Junk and Jewels in the Genome

In this Sunday’s issue of the New York Times Magazine, I have a feature about clashing visions of the genome. Is it overwhelmingly made up of “junk”–pieces of DNA that provide us with no useful function–or is it rife with functional pieces that we have yet to understand? Or is the reality of the genome a confusing mixture of the two?

To research this story, I shed some blood so that I could compare my genome to that of an onion. This print-out, annotated by T. Ryan Gregory, shows that an onion has five times more DNA in its genome than mine. I also spent time in the lab of John Rinn at Harvard, where scientists are discovering hints that our genome encodes exotic molecules that may be essential for our well-being. And I talked to a range of scientists about the challenges of understanding what any given piece of DNA is “for,” and what sort of assumptions one should bring to the challenge. Finally, I dug deep into the history of this question, which has roots reaching all the way back to Darwin. Check it out.

Courtesy of T. Ryan Gregory
Courtesy of T. Ryan Gregory

P.S. This is an incredibly rich topic, and I welcome readers to discuss it (especially the stuff I didn’t have room to get to in my feature) in the comment thread below. I’ll also post some interesting papers here, too.

The Genomic Challenge to Adaptationism, by Sahotra Sarkar. British Journal for the Philosophy of Science, 2014. [subscription required]

Junk or Functional DNA? Germain et al., Biology and Philosophy, 2014. pdf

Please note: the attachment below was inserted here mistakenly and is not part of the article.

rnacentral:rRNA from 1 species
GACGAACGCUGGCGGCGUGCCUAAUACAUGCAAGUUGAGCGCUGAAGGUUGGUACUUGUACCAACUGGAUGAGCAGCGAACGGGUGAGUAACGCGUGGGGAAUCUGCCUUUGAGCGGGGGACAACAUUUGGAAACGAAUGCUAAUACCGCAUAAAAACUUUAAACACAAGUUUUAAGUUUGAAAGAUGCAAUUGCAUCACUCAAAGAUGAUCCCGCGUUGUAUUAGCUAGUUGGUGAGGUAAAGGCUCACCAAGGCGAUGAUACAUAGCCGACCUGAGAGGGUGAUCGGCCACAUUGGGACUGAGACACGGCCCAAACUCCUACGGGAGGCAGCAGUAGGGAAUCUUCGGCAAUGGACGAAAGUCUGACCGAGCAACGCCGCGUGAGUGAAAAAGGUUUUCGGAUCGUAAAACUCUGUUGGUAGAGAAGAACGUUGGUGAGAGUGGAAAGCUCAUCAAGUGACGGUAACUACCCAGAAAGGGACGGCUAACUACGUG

An Evolutionary Classification of Genomic Function, by Dan Graur et al. Genome Biology and Evolution 2015.

Discovery and Annotation of Long Noncoding RNAs. Mattick and Rinn. Nature Structural & Molecular Biology 2015. [subscription required]

5 thoughts on “Junk and Jewels in the Genome

  1. I have a slightly odd question.

    Watching certain organisms like Amoeba Proteus, I see a lot of what seem to be fairly sophisticated behaviours from a creature that is, by definition, less than a single neuron.

    And that same single-celled organism also has an absurdly large genome.

    That leaves me wondering if our little friend is using part of it’s DNA not to create physical structures and proteins, but actually uses some of that ‘junk’ DNA as…operating code?

    [CZ: Great question. I’d say scientists don’t really have a firm handle on the relationship between genomic complexity and behavioral complexity. Even bacteria with much smaller genomes can display some impressive behavior. The giant size of A. proteus’s genome is the result of many duplications of an original genome, so it has lots of copies of each gene. Those copies may become disabled by mutations, carry on the same function as the original gene, or evolve to take on a new job.]

  2. I accept that large portions of non-coding DNA of the sort that is called ‘junk’ DNA is mistakenly amplified in eukaryote genomes and not be removed because of weak negative selection. However, I strongly feel that this idea still needs to be tested experimentally.